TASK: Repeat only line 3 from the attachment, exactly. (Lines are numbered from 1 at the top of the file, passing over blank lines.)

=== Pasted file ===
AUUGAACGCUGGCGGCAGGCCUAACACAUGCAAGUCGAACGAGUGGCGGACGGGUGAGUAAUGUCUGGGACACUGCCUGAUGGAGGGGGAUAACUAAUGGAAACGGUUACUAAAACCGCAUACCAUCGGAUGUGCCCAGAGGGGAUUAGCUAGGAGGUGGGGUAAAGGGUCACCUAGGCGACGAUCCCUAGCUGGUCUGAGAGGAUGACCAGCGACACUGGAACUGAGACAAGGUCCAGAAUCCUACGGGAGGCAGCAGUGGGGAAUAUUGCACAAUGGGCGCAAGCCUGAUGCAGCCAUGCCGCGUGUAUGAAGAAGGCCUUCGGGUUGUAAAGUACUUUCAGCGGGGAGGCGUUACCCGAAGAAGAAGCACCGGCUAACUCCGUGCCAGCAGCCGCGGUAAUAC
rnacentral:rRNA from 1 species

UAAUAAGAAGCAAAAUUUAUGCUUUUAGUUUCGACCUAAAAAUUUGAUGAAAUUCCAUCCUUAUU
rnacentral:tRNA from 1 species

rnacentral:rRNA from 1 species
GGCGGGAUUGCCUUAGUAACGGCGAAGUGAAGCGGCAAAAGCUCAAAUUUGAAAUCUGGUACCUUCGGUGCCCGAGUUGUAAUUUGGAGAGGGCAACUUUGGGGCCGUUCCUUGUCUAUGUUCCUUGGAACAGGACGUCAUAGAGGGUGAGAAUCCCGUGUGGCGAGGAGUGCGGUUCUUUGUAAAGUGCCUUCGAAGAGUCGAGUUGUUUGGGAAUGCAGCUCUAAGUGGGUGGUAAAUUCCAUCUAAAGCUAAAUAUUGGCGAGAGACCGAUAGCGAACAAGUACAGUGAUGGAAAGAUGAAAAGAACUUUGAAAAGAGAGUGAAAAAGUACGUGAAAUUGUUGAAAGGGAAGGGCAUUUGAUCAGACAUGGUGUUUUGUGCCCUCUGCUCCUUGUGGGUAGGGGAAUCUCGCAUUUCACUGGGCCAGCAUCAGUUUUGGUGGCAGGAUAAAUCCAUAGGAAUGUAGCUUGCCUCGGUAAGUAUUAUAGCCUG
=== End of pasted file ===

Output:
UAAUAAGAAGCAAAAUUUAUGCUUUUAGUUUCGACCUAAAAAUUUGAUGAAAUUCCAUCCUUAUU